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These pictures show the gap between my counter and the wall, and re-caulking is only part of what I want to do. It was suggested to me that the cabinet is coming apart from the wall and I should try to see if I can somehow tighten the bolts that hold it to the wall, but I can't really see where those are. If I try to pick up or push the cabinet it doesn't really budge. Any ideas?

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    Looks like at least one of the screws holding the cabinet to the wall, is in the upper right corner above the triangular blocking. You can see it in the first image inside the cabinet, if you look close enough. – Tester101 Apr 18 '14 at 11:37
  • I do see that one, I'll try tightening it. Any idea where these kinds of screws are supposed to be? Seems odd for there to just be one, I feel like I'm just not looking in the right place. – Rich Apr 18 '14 at 12:02
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    is this a new gap, or has it been there right along and caulk filled before? Is the counter level now? – shirlock homes Apr 18 '14 at 12:11
  • It was caulk-filled before, you can't quite see in the picture that I peeled some away. The gap is I think a slow development. I am fairly sure it wasn't there when I bought the house 7 years ago but honestly wasn't paying super close attention over time. Just noticed how wide this gap was now. – Rich Apr 18 '14 at 12:18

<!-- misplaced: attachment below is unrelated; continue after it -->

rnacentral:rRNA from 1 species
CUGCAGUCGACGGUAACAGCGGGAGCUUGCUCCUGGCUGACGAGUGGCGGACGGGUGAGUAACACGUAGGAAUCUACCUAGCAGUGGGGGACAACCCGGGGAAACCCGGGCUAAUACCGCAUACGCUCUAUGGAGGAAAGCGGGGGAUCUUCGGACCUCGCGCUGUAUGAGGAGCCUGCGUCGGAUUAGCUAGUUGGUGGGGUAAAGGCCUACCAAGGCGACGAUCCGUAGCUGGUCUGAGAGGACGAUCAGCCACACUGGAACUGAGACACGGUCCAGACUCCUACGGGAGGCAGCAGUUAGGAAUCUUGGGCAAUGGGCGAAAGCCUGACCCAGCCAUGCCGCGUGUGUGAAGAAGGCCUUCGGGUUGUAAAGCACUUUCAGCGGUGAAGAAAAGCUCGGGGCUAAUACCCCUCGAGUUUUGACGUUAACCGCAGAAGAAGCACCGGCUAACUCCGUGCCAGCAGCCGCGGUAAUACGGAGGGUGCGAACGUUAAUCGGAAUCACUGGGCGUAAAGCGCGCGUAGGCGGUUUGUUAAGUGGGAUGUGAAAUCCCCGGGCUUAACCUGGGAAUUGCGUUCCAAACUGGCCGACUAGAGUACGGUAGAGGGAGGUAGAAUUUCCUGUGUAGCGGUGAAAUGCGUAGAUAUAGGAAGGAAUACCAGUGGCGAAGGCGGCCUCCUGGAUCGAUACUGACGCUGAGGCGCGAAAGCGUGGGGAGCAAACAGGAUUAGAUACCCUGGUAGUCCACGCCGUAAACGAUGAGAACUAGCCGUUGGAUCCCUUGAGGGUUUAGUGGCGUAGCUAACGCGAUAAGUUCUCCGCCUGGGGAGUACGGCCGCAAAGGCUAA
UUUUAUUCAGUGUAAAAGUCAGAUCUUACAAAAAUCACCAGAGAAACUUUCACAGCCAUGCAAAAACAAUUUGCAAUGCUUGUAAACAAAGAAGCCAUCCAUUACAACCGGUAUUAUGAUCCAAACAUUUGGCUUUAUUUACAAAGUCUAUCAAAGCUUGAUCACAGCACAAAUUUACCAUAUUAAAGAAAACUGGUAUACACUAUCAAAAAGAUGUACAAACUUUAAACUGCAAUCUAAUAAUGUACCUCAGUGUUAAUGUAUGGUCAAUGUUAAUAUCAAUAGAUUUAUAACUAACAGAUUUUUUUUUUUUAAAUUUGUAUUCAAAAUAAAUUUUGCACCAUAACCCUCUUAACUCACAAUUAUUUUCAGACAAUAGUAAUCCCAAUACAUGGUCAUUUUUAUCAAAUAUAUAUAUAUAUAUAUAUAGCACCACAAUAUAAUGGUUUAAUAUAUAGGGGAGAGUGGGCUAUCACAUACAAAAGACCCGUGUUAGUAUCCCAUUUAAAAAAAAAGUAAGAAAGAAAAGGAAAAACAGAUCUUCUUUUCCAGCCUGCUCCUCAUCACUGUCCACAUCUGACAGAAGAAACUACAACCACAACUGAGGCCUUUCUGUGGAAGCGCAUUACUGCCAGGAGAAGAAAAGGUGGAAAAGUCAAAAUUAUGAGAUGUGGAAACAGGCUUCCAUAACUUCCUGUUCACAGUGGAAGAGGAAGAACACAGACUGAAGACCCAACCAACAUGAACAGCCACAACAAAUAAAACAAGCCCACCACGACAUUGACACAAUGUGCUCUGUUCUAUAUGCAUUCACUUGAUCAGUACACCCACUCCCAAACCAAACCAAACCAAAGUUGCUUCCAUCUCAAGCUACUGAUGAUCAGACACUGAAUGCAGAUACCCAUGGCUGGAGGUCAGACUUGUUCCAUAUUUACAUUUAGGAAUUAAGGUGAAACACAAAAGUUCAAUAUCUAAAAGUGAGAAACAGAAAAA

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    Instead of tightening an existing screw, it might be easier just to drill a new one in nearby. – DA01 Apr 18 '14 at 16:27

The screws attaching the cabinet to the wall are placed at every stud, near the top of the cabinet where you see the solid wood. Studs are typically spaced every 16" and can be found with a stud finder. The cabinets will be attached to each other, so look for screws in adjacent cabinets, too, tightening everything uniformly. There should also be something holding the cabinet down to the floor, behind the toe kick on the front.

What you need to find out is why the cabinet is pulling away. Perhaps it's just caulk drying and shrinking. It's possible your floor is settling/sagging in the middle of the room. Or the outside walls could be going out of plumb. Some of these, like sagging floor joists, could indicate other problems that need to be solved first.

To fix the problem, you could remount the counter top tighter to the wall. But 99% of us would simply add more caulk.

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  • Thank you. In your opinion what is the best way to fill such a gap (nearly 1/2 inch) with caulk? I have heard of inserting foam or cardboard into the gap to support the caulk while it dries, but I have no idea is that is a good idea or not. – Rich Apr 18 '14 at 14:32
  • Shimming the front edge of the countertop could eliminate some of the gap and thus minimize the amount of caulk needed. However, you'd have to figure how to detach and reattach countertop to do it. – Wayfaring Stranger Apr 18 '14 at 14:48
  • The foam is referred to as backer rod, available at hardware stores. At 1/2", it's not a bad idea to push some in the gap, it just gives the caulk something to support it. – BMitch Apr 18 '14 at 19:39

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